Tuesday, 31 May 2022

Damages

 Damages


It is also necessary that the defendant’s breach of duty must cause damage to the plaintiff. The plaintiff has also to show that the damage thus caused is not too remote a consequence of the defendant’s negligence.


Res Ipsa Loquitur (Proof of Negligence)

There is a presumption of negligence according to the Latin Maxim “Res Ipsa Loquitur” which means ‘the thing speaks for itself'.

As a rule, the onus of proving negligence is on the plaintiff.

He must not merely establish the facts of the defendant’s negligence and of his own damage, but must show that the one was the effect of the other.

There are, however, certain cases when the plaintiff need not prove that and the interference of negligence is drawn from the facts. 

Thus, direct evidence of negligence is not always necessary and the same may be inferred from the circumstances of the cases.

When the accident explains only one thing, i.e., the accident could not ordinarily occur unless the defendant had been negligent, the law raises a presumption of negligence on the part of the defendant.

In such a case, it is sufficient for the plaintiff to prove accident and nothing more. The defendant can, however,  avoid his liability by disproving negligence on the part.


Case Laws

In Agya Kaur vs Pepsu R.T.C.,  rickshaw going on the correct side of the road was hit by a bus coming on the wrong side of the road. 

The speed of the bus was so high that it, after hitting the rickshaw, also hit the electric pole on the wrong side.

It was held that from these facts the only interference which could be drawn was that the driver of the bus was negligent.


In Manindra Nath Mukherjee vs Mathura Das, where a person fires an explosive which normally flies perpendicular to the sky before it explodes, but it flew at a tangent and fell and burst in the mix of a crowd in a maiden causing injury to a spectator and it was found that the ejection equipment was defective and not properly tested it was held that the defendants were negligent.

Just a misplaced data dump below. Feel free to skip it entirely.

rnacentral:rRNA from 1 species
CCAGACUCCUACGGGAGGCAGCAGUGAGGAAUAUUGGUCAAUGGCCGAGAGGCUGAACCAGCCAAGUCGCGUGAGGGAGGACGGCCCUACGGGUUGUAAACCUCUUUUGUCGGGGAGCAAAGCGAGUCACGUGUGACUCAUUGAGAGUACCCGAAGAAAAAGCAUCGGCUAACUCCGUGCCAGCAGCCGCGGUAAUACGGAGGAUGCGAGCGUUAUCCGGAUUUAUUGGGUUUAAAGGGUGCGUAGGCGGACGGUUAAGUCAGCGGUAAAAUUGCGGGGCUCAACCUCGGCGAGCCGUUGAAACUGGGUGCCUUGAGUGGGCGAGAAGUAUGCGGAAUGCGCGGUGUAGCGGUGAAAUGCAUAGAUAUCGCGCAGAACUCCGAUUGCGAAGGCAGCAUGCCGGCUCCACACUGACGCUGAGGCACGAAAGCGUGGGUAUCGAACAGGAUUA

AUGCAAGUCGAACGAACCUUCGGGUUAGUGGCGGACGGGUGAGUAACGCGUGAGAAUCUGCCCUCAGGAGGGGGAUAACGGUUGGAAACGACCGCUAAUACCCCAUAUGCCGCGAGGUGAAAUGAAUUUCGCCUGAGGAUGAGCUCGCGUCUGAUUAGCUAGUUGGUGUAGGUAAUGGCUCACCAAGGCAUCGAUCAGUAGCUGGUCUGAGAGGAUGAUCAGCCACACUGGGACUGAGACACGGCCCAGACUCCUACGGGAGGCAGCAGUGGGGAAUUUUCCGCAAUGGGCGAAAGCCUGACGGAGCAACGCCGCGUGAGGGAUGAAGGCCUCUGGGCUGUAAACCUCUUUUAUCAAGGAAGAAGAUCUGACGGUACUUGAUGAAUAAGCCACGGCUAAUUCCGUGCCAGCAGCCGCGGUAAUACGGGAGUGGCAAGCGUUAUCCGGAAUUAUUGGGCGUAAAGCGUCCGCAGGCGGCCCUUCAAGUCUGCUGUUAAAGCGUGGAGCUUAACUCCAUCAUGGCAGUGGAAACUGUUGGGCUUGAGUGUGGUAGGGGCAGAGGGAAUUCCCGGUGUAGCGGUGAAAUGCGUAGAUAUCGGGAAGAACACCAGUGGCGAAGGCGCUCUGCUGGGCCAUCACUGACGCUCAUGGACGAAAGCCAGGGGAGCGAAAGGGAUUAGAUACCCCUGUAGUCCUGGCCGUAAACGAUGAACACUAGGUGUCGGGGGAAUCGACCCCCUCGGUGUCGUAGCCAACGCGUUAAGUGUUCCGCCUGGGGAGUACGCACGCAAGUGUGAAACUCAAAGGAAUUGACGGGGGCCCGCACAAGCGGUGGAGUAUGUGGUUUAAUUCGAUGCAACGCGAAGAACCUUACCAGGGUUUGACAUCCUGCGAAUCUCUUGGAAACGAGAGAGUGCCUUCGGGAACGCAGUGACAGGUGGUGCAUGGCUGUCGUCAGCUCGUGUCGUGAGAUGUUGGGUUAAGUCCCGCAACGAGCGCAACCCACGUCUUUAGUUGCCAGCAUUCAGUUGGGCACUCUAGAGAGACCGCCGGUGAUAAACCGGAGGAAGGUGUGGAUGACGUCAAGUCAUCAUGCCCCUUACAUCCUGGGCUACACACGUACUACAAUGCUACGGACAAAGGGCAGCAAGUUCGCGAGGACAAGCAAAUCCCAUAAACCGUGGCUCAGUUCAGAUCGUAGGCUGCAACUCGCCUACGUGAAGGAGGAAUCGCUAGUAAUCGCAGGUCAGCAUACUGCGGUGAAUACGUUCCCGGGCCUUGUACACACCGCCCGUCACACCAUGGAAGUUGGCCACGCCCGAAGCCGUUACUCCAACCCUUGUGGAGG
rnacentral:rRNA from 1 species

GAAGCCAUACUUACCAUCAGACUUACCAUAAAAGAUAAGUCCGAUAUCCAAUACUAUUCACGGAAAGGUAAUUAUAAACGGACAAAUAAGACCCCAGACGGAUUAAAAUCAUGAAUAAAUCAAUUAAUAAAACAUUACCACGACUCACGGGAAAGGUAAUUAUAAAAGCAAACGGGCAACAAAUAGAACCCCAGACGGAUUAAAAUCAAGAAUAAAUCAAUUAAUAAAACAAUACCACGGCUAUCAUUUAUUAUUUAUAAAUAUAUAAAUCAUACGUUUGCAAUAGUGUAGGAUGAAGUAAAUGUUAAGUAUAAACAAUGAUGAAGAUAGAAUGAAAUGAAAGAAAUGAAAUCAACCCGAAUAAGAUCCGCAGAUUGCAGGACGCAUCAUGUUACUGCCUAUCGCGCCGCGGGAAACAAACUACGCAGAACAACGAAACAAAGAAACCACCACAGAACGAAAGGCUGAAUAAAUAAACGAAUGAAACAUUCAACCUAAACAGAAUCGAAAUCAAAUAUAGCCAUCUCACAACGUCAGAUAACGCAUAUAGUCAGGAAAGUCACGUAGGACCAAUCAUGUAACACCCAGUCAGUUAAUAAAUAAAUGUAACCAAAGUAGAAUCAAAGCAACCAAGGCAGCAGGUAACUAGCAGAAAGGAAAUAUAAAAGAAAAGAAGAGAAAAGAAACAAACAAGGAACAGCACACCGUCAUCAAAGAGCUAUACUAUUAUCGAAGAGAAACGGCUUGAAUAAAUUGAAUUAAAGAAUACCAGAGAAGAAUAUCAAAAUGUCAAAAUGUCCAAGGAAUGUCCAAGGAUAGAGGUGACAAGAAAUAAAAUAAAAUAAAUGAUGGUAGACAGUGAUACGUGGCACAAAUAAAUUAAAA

In Bryne vs Boalde, the plaintiff was going in a public street when a barrel of flour fell upon him from the defendant's warehouse window.

There was no evidence on the part of the plaintiff as to how the accident happened, beyond the fact that, while on the road, he was knocked down by the barrel, became unconscious and was injured.

Want of care on the part of the defendants was presumed and it was for him to show that the same was not for want of care on his part, for the barrels do not usually fall out from window unless there is want of care.



In Municipal Corporation of Delhi vs Subhagwant  (Clock Tower Case), due to the collapse of the clock tower situated opposite to the Town Hall in the main bazar of Chandni Chowk, Delhi, a number of persons died. 

The clock tower belong to the municipal corporation of Delhi and was exclusively under its control. 

The trial court held that it was the duty of the municipal committee to take proper care of the building so that they should not through a source of damage to the persons using the highway as a matter of right.

The court held that the principle of “Res Ipsa Loquitor” applied to the case and it was the duty of the municipal committee to carry out periodical examination of the building to ascertain any necessary precautions.

The court found from the evidence that apart from superficial examination from time to time, there was no evidence of an examination ever made with a view to see if there were any latent defects making the building unsafe.


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